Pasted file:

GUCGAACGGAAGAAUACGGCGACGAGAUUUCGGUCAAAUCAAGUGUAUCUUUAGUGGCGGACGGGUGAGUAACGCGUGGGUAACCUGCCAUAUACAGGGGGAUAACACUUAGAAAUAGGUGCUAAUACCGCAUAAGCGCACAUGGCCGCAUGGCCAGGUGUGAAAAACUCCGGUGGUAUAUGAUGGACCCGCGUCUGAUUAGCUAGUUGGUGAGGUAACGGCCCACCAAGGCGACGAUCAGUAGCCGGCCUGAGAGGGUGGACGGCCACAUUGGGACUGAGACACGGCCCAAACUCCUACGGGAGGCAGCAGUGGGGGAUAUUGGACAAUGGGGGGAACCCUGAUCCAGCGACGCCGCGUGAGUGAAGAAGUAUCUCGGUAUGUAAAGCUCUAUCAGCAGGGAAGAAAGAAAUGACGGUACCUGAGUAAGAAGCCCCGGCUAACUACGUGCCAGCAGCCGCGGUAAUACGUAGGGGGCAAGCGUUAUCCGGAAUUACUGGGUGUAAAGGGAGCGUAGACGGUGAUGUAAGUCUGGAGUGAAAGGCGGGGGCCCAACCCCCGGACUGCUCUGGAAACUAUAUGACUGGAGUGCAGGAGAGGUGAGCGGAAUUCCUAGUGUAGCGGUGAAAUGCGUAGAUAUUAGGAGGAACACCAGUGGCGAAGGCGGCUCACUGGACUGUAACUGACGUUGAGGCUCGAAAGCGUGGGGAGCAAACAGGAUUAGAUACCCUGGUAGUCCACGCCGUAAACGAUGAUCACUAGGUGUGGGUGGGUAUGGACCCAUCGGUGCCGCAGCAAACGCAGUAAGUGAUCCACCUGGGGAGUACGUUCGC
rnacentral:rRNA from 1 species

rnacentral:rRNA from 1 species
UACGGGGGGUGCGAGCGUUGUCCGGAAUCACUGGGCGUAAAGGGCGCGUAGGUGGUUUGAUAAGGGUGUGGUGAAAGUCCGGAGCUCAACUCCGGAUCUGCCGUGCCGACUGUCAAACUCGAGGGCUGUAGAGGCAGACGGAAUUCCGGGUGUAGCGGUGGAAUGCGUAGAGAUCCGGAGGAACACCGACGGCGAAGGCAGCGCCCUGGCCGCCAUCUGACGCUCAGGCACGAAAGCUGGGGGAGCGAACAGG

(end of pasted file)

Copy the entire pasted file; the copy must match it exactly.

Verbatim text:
GUCGAACGGAAGAAUACGGCGACGAGAUUUCGGUCAAAUCAAGUGUAUCUUUAGUGGCGGACGGGUGAGUAACGCGUGGGUAACCUGCCAUAUACAGGGGGAUAACACUUAGAAAUAGGUGCUAAUACCGCAUAAGCGCACAUGGCCGCAUGGCCAGGUGUGAAAAACUCCGGUGGUAUAUGAUGGACCCGCGUCUGAUUAGCUAGUUGGUGAGGUAACGGCCCACCAAGGCGACGAUCAGUAGCCGGCCUGAGAGGGUGGACGGCCACAUUGGGACUGAGACACGGCCCAAACUCCUACGGGAGGCAGCAGUGGGGGAUAUUGGACAAUGGGGGGAACCCUGAUCCAGCGACGCCGCGUGAGUGAAGAAGUAUCUCGGUAUGUAAAGCUCUAUCAGCAGGGAAGAAAGAAAUGACGGUACCUGAGUAAGAAGCCCCGGCUAACUACGUGCCAGCAGCCGCGGUAAUACGUAGGGGGCAAGCGUUAUCCGGAAUUACUGGGUGUAAAGGGAGCGUAGACGGUGAUGUAAGUCUGGAGUGAAAGGCGGGGGCCCAACCCCCGGACUGCUCUGGAAACUAUAUGACUGGAGUGCAGGAGAGGUGAGCGGAAUUCCUAGUGUAGCGGUGAAAUGCGUAGAUAUUAGGAGGAACACCAGUGGCGAAGGCGGCUCACUGGACUGUAACUGACGUUGAGGCUCGAAAGCGUGGGGAGCAAACAGGAUUAGAUACCCUGGUAGUCCACGCCGUAAACGAUGAUCACUAGGUGUGGGUGGGUAUGGACCCAUCGGUGCCGCAGCAAACGCAGUAAGUGAUCCACCUGGGGAGUACGUUCGC
rnacentral:rRNA from 1 species

rnacentral:rRNA from 1 species
UACGGGGGGUGCGAGCGUUGUCCGGAAUCACUGGGCGUAAAGGGCGCGUAGGUGGUUUGAUAAGGGUGUGGUGAAAGUCCGGAGCUCAACUCCGGAUCUGCCGUGCCGACUGUCAAACUCGAGGGCUGUAGAGGCAGACGGAAUUCCGGGUGUAGCGGUGGAAUGCGUAGAGAUCCGGAGGAACACCGACGGCGAAGGCAGCGCCCUGGCCGCCAUCUGACGCUCAGGCACGAAAGCUGGGGGAGCGAACAGG